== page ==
In 2010, during a trip to Bali, I noticed that Ganesha was everywhere on the “Island of the Gods,” since the Balinese place him near entrances of buildings and temples. Stationed in the parking lot of an elephant preserve in the jungle, appropriately, was a large moss speckled volcanic Ganesha sculpture complete with a jewel-encrusted headdress. The contrast of the dark rock and the electric green moss on the statue all against the backdrop of the dense, vibrant jungle captivated me.

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Travel Oops: Supersize Me with Some Kim Chee, Please!

© Stephanie Glaser

© Stephanie Glaser

Wandering through Seoul Market’s seaweed section, which is just as expansive and visually overloading as the cereal aisle of any Wal-Mart, I’m overwhelmed. Seaweed comes in jars, plastic bags, foil bags, freeze-dried bags, individually wrapped snack packs and family sized jumbo bags.

Seaweed snack packs — notice how I stacked on upside down. Oops....

Seaweed snack packs — notice how I stacked on upside down. Oops….

Seaweed that looks like kelp looms large in a long baguette like bag, and then there’s red seaweed, green seaweed, roasted seaweed, rectangular seaweed and small square seaweed. Asian writing appears on every bag, and although I can’t read the characters, it’s clear from their differing shapes that they identify seaweeds from not only Korea, but probably from Japan and China, too.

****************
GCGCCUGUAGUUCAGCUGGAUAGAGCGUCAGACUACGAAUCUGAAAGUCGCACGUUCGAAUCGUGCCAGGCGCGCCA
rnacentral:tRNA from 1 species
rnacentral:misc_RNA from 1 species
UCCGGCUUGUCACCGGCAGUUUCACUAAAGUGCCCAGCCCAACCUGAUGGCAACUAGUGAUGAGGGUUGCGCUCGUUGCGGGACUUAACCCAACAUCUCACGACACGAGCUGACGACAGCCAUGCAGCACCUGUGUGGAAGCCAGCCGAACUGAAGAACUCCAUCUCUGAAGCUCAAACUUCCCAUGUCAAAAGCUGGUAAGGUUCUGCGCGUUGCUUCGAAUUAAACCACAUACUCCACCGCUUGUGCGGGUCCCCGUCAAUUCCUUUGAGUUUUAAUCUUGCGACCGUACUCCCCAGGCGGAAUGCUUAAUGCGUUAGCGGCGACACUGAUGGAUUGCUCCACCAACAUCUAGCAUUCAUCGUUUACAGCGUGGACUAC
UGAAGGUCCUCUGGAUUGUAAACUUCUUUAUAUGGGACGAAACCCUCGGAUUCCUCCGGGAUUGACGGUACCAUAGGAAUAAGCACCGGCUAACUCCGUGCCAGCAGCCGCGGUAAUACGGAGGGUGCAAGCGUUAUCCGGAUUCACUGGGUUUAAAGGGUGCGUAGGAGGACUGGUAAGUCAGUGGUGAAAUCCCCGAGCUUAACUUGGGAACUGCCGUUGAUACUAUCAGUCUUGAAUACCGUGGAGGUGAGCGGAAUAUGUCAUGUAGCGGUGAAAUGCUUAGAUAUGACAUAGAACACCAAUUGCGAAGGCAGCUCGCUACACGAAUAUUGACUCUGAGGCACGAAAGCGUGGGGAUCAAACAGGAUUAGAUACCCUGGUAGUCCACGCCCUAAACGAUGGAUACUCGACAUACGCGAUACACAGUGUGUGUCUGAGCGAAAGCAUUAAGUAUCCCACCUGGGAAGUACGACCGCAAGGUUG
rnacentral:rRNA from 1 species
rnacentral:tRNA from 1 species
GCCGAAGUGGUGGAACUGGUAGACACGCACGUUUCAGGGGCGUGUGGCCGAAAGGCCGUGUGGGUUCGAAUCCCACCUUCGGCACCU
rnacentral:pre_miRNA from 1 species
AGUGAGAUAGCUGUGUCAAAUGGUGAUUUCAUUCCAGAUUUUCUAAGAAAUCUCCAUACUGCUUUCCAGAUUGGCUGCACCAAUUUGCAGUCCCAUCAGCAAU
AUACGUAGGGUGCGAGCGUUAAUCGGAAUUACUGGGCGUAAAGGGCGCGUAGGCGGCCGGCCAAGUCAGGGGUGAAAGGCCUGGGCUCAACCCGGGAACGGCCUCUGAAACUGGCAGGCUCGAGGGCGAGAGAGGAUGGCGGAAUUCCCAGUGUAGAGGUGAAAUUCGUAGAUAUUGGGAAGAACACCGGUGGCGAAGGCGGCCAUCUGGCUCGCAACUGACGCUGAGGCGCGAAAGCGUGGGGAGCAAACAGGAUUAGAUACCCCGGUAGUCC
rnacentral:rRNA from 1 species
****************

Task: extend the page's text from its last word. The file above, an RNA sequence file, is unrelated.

Clearly I’m a complete amateur Asian market shopper even in the US. Maybe trying another aisle will be less intense. The noodle shelves are no different: udon, soba, somen, bean thread cellophane, rice, wheat, thick, curly, transparent. Really, what should I expect? Roaming through the noodle section of a standard American grocery store could be mind blowing for someone who is not familiar with Italian pasta.

© Travel Channel

© Travel Channel

I had been so confident before entering the Colorado Springs store. After all, I had seen Anthony Bourdain’s “No Reservations” episode in Korea where he samples fermented kim chee from recently unearthed clay urns. I eat Asian food whenever I can, but I guess I’ve not seen it much in the pre-preparation phase.

“Mom, where’s the ice cream?” my son Eddie approaches me after having cased the somewhat cramped market out. He’s clearly not intimidated. Sensing my paralysis, he leaves and I hear him talk to the shop keeper behind the counter. I peek over and see the woman show him a refrigerated case. Ice cream, that’s definitely doable. I leave the noodle aisle.